If you feel that writing a bird description is more trouble than it’s worth, we recommend this article by Dave Irons. Another great article on the why, how, and what of bird documentation is here. Finally, we urge all eBird users to get to know the review process by reading this article regularly!
The list below is structured from least helpful to most helpful in bird documentation. We want to stress that any information you provide is useful, and that more information is always better! The point here is to encourage eBird users (and others) to include more of the really helpful information.
Example: “I was just taking a break from setting up my cousin Bob’s wedding and decided to go for a walk. I was walking down by the creek, going really slowly because it was muddy, and contemplating life, etc. etc. when I spotted this bird!”
Incidental narratives are great. They help put the sighting in context and will help you remember it years down the road. Sometimes they can contain valuable information, like time of day, precise location, weather, or other observers. Often, though, they aren’t much help to the reviewer because they don't actually provide any documentation of the field marks seen on the bird.
Where the bird was perched, When it flew
Example: “The bird was perched on a dead oak stick 30 feet from the second waterfall about two feet above the ground. After it saw me come around the corner, it stayed for about 10 seconds before flying off.”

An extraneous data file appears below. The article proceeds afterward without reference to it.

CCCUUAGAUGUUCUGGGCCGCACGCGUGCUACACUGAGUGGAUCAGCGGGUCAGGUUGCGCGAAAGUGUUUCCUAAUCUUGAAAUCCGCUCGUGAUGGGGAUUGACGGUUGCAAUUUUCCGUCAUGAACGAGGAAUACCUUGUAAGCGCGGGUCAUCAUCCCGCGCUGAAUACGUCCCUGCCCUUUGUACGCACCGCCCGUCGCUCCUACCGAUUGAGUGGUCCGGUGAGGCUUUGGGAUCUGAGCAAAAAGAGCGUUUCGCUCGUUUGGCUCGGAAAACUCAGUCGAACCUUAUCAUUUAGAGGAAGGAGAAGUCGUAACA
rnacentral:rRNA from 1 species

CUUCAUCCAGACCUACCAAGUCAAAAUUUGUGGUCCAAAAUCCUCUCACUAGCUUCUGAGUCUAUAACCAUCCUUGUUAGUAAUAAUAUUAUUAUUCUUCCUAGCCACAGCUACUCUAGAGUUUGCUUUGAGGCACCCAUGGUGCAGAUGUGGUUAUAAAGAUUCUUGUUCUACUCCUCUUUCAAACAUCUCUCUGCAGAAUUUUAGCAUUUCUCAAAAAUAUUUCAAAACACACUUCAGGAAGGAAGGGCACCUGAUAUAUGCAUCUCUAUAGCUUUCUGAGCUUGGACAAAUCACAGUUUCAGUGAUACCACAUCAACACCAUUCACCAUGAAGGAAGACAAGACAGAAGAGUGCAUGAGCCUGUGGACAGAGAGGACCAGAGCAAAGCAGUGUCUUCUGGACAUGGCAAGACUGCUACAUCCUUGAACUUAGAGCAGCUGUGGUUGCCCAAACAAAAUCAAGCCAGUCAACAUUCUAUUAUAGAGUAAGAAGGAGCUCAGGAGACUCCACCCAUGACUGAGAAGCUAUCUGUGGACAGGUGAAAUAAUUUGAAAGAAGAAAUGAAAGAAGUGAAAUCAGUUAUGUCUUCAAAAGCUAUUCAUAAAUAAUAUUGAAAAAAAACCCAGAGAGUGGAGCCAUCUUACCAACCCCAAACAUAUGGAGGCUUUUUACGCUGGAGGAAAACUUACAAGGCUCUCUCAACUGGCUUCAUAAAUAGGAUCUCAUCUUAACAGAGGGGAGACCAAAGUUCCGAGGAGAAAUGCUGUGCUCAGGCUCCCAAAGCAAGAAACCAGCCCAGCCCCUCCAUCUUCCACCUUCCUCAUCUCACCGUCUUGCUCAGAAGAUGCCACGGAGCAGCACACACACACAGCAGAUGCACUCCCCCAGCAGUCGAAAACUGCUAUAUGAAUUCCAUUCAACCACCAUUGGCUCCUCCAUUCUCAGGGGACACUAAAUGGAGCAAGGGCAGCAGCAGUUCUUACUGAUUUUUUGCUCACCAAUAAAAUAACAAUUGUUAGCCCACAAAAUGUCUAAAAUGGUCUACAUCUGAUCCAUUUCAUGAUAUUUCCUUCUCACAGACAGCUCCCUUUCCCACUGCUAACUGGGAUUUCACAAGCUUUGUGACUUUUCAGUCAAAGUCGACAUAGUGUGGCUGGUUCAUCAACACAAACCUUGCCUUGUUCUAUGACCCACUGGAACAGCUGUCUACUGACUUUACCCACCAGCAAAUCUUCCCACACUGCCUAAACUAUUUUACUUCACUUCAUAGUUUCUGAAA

These are the most common elements of bird descriptions in eBird, and users often end here. It’s helpful to know exactly where the bird was in case people want to chase it, and behavior can be useful in evaluating a record. But for a record that is flagged, this is not enough.
Some birds are very particular about their habitat, and it may be difficult to infer from the sighting location what the exact habitat was like. Noting elevation, habitat type, dominant species, nearby water bodies, etc. can be very helpful.
Distance to the bird, lighting, optics, length of observation
These and similar details can be important, especially for very notable sightings, and are often requested by bird records committees.
If you know you are seeing a continuing bird, it is important to note it as such. Even if you aren’t sure, take note of your suspicions. “Possibly the bird that was seen here a month ago.” On the flip side, if it was not a continuing bird but could be confused with one, note that too. “Not the one that was seen here a month ago. That one was an adult and this is a juvenile.” Sometimes, all that is needed for a continuing bird is that one word: “Continuing.” One practice reviewers really appreciate is to say “Continuing. Photos available if requested.” Of course, it never hurts to document even a known rarity with more information. This information becomes especially valuable if your sighting ends up being the last one of a given individual's occurrence.
Familiarity with this species and confusion species